This is not a casual, read-in-an-afternoon book. It is more like a math master class filled with ways to deepen students’ understanding through a problem-solving approach. Veteran math teacher Michael Hernandez highly recommends its tools and models from start to finish.
Michelle Russell realized her students were falling into a rut. They expected her to provide the steps and jump in to help instead of figuring some things out for themselves. Learn what she did to increase engagement and deepen thinking during a challenging unit.
Students need structure, but that doesn’t mean monotony. For her math classes Michelle Russell recently spent a planning day collecting activities to start the New Year. As they returned, she introduced them to a math-friendly Simon Says, some Desmos routines, and fresh card sorts.
After detailing the processes and skills needed for math, the authors discuss how the Student Enrichment Model may be implemented in a wide variety of environments, writes educator Michael Hernandez. New to SEM, he finds lots to use in his math and algebra classes.
Educators and parents alike will find How Many? A Counting Book a beautiful adventure in learning about how children can grapple with the complexities of mathematical reasoning in relatively simple terms using everyday objects, says history (?!) teacher Michael DiClemente.
How do teachers’ assumptions about what students know impede the learning process? Michelle Russell is realizing the “obvious” is sometimes not so obvious to kids in her math classes. Her two big problem areas: basic rules of behavior and prior knowledge of operations.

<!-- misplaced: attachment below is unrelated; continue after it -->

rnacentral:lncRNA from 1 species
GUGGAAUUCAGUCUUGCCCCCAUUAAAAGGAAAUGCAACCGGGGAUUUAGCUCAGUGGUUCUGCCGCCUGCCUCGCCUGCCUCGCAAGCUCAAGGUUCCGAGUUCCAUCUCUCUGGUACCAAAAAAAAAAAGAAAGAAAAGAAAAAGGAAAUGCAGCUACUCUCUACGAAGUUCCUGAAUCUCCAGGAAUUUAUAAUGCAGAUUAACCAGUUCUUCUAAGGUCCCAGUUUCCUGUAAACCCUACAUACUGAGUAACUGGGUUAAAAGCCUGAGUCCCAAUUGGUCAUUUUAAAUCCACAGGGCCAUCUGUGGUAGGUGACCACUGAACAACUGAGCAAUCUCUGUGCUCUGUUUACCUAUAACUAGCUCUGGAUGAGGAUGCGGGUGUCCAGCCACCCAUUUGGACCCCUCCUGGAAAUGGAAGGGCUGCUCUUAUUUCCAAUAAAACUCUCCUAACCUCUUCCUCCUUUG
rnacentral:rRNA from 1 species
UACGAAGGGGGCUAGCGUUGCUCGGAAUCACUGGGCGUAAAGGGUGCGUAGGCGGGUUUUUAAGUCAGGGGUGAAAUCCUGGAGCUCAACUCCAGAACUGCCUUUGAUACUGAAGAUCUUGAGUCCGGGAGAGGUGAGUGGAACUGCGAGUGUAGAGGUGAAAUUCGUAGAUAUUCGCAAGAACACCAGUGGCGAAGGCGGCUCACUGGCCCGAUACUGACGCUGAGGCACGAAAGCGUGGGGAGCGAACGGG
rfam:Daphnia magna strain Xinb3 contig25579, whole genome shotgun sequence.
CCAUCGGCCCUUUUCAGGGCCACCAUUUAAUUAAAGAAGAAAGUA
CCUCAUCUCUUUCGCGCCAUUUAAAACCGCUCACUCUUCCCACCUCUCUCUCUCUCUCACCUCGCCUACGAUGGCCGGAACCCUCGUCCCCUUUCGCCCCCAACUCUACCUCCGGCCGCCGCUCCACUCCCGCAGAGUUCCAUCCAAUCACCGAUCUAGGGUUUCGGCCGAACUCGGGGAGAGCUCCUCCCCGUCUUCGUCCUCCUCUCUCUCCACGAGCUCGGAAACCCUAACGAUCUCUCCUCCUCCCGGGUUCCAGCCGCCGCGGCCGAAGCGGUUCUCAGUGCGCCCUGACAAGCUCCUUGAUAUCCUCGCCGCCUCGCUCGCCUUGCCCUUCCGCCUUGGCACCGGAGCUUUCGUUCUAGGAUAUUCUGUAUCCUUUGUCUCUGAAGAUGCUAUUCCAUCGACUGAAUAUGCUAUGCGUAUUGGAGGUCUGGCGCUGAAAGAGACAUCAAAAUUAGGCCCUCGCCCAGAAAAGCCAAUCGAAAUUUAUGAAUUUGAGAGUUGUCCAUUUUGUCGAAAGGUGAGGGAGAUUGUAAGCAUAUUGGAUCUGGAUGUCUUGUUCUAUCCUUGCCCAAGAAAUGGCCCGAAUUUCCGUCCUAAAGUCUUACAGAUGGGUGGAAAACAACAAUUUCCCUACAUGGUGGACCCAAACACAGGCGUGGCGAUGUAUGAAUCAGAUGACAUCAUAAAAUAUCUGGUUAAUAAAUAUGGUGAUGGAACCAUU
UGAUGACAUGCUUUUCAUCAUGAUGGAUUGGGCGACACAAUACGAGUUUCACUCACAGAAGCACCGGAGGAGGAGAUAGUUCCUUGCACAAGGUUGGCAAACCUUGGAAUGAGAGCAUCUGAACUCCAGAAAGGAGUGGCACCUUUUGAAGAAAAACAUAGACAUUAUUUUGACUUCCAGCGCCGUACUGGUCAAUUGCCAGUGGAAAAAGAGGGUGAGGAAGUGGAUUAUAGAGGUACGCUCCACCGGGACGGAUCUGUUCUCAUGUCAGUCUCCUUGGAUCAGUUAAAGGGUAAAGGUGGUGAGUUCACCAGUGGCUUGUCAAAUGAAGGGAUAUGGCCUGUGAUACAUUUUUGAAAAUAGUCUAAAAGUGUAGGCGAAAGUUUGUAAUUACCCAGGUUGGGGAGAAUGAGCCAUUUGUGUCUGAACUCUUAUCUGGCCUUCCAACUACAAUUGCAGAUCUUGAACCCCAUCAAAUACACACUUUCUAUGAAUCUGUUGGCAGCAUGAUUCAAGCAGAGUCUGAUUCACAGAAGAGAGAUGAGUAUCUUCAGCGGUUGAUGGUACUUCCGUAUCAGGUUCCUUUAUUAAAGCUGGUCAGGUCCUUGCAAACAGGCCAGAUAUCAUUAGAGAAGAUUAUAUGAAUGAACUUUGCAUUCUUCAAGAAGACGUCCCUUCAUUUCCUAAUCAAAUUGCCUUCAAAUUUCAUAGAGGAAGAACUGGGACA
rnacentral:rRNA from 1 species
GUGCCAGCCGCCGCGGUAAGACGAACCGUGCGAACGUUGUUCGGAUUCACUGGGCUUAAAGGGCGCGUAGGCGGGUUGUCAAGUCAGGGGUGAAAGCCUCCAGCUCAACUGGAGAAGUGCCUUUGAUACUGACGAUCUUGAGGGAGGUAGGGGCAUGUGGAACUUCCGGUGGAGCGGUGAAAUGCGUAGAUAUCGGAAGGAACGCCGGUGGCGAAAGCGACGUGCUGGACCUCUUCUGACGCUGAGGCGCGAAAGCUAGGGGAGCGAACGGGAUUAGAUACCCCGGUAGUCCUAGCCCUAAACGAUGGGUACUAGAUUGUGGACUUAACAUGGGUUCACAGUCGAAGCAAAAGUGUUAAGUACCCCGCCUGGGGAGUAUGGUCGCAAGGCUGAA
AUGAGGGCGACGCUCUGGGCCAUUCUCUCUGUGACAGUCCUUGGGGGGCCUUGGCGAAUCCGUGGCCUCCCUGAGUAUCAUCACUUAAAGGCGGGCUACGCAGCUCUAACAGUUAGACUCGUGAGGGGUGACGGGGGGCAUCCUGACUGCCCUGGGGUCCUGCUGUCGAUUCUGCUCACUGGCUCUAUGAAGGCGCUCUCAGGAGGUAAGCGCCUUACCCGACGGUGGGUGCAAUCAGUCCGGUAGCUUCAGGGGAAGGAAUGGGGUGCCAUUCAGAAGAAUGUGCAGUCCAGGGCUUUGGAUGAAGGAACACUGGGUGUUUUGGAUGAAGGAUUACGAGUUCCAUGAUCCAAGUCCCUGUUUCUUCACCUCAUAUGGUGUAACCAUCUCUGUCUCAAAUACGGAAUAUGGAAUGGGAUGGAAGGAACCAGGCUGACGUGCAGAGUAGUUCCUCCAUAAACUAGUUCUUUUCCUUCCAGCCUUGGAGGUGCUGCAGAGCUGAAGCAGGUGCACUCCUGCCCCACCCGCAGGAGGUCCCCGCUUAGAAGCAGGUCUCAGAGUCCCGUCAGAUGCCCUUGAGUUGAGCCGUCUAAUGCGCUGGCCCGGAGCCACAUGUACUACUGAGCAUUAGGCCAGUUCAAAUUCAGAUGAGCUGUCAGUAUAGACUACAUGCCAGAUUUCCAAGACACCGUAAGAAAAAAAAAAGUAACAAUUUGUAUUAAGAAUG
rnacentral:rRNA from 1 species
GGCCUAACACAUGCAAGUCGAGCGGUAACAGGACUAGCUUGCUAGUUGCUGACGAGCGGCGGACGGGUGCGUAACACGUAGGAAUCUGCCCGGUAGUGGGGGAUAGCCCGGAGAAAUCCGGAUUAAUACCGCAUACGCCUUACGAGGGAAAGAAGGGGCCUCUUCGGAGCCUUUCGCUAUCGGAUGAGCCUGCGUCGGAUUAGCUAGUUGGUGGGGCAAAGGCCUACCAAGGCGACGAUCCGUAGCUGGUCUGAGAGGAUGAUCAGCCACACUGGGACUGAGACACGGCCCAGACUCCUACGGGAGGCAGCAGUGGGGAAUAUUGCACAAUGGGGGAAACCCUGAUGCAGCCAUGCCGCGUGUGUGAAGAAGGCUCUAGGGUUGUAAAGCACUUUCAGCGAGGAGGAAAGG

Follow along as Nicki Newton and Janet Nuzzie join educators in “mathematizing” their Texas district – developing math lovers and a common math language at the district, staff, campus, classroom and student level. Middle school teacher Dena Hause found lots of resources!
It’s not enough to set classroom norms and post them on the wall, says author and instructional coach Geoff Krall. We have to teach them and live by them. Here are some of his strategies for teaching and reflecting on norms in ways that really support student learning.
Math educator and consultant Jerry Burkhart is back with more playful ideas for the mathematics classroom! Diagrams that show relationships between operations and numbers create engaging and meaningful opportunities for students to have fun exploring mathematical concepts. He offers lots of examples to get you and your students started.
Christopher Danielson takes kids, tweens and teens on a journey of exploration as they think about and interact with math in new ways. Based in his research and teaching, How Many? helps students see far beyond simple responses and think creatively, writes Linda Biondi.